When I was in college I worked for Starbucks. To best juggle school, work, and marriage, I worked as an opener, which meant arriving at 5:00 a.m. to open the store and be ready for the first customer at 5:30. That wake up time, somewhere between 4:00-4:15, was scary at first. I had a hard time imagining that my body would really function behind a wheel or in front of an espresso machine at that time of the morning (or night, whichever way you look at it), but to my pleasant surprise it did. There was something wonderful about walking into a store where the smell of espresso hit you like a wave, waking you up gently as the caffeine seemed to seep into your pores.
I worked there for over a year before I graduated from college and took a teaching job, and the early wake-up habit proved to be one that stuck. For awhile. For a long time, waking up at 7:00 felt like sleeping in, and anything over 7:30 was unheard of. But over time and after children, all of that changed.
I happen to have two girls who are fantastically late sleepers on most occasions. In fact, on Saturday morning I got back from my run at 9:30 to find Nathan and the girls had all rolled out of bed just moments before. What that means is that I am virtually never woken up because of a child. I am the first one up.
There is a gold mine of opportunity in those morning hours before M and A are up, and I know that the possibilities of what can be accomplished in that time are unlimited. The problem is, I've gotten lazy. Knowing they will sleep has led to sleeping in a little later myself. And before I know it, that window of opportunity is something like a shrunken shirt: still there but too small to be of use. I want to change, but I've discovered wanting it, and wanting it enough to do something about it, are two different things.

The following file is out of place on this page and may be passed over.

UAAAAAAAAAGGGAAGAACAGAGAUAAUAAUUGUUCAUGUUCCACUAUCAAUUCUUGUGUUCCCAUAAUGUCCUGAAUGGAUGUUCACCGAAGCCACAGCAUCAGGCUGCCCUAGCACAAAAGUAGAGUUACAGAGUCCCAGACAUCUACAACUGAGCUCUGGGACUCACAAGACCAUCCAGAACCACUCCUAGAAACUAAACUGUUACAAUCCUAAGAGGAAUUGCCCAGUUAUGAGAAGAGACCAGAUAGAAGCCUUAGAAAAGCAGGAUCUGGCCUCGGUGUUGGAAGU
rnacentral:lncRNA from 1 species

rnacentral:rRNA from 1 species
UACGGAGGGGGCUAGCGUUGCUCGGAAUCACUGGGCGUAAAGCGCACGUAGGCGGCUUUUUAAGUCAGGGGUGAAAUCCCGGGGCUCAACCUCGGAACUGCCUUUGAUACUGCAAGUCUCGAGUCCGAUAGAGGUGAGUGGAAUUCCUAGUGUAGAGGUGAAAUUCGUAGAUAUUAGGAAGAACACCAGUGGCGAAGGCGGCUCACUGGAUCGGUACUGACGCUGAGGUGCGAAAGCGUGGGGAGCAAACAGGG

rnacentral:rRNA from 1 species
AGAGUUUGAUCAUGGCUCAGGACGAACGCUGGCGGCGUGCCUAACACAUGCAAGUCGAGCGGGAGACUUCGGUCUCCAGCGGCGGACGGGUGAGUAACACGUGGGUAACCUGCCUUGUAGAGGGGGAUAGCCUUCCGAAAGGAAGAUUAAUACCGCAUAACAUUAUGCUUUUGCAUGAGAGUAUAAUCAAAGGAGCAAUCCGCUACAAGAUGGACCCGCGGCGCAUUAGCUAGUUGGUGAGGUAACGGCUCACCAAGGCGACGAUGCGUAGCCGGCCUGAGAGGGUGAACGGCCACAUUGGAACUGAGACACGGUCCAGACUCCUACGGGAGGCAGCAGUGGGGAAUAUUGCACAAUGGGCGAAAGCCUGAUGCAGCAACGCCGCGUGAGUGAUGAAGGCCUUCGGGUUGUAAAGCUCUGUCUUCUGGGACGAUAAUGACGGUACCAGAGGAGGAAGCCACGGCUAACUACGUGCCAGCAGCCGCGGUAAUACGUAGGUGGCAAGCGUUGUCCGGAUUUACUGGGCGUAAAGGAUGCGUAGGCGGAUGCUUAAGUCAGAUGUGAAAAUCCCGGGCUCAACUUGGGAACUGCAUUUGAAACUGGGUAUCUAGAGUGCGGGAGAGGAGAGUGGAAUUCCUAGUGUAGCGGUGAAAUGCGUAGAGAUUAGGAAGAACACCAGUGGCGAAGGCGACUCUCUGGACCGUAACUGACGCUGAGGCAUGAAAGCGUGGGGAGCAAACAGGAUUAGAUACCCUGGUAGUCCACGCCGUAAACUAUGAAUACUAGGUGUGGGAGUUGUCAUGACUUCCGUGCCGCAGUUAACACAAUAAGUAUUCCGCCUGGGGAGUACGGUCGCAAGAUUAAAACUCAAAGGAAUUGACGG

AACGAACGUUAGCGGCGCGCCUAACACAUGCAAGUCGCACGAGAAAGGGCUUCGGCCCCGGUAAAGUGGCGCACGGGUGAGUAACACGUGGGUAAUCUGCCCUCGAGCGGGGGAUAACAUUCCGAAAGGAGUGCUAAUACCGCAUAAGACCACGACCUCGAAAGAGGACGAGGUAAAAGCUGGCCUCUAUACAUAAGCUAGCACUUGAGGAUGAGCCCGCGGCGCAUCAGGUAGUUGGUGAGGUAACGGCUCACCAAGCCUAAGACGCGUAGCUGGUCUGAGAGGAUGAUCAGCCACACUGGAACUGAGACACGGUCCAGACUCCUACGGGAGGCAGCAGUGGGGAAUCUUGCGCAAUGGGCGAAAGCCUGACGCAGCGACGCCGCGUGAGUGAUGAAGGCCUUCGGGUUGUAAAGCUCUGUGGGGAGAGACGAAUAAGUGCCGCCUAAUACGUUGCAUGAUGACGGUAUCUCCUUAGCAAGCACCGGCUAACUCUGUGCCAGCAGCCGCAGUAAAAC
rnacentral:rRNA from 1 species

If I get up with Nathan every morning at 6:00, that would mean at least 2 hours of uninterrupted time to get my day off to a great start. I could work, have my Bible study, do some cleaning, you name it! It would be amazing. Amazing enough that I decided last night that I was really ready to do something about it. I promised myself that at 6:00, I would wake up.
Well, I did indeed wake up at 6:00, but I discovered another important part of the equation that I had overlooked last night at bed time. I found out that I can be awake in bed for a solid hour before my body feels ready to move. Yes, I am speaking from this morning's experience. So lesson number one in self-discipline: swing those legs out of bed and get up! Consciousness from underneath the covers doesn't count.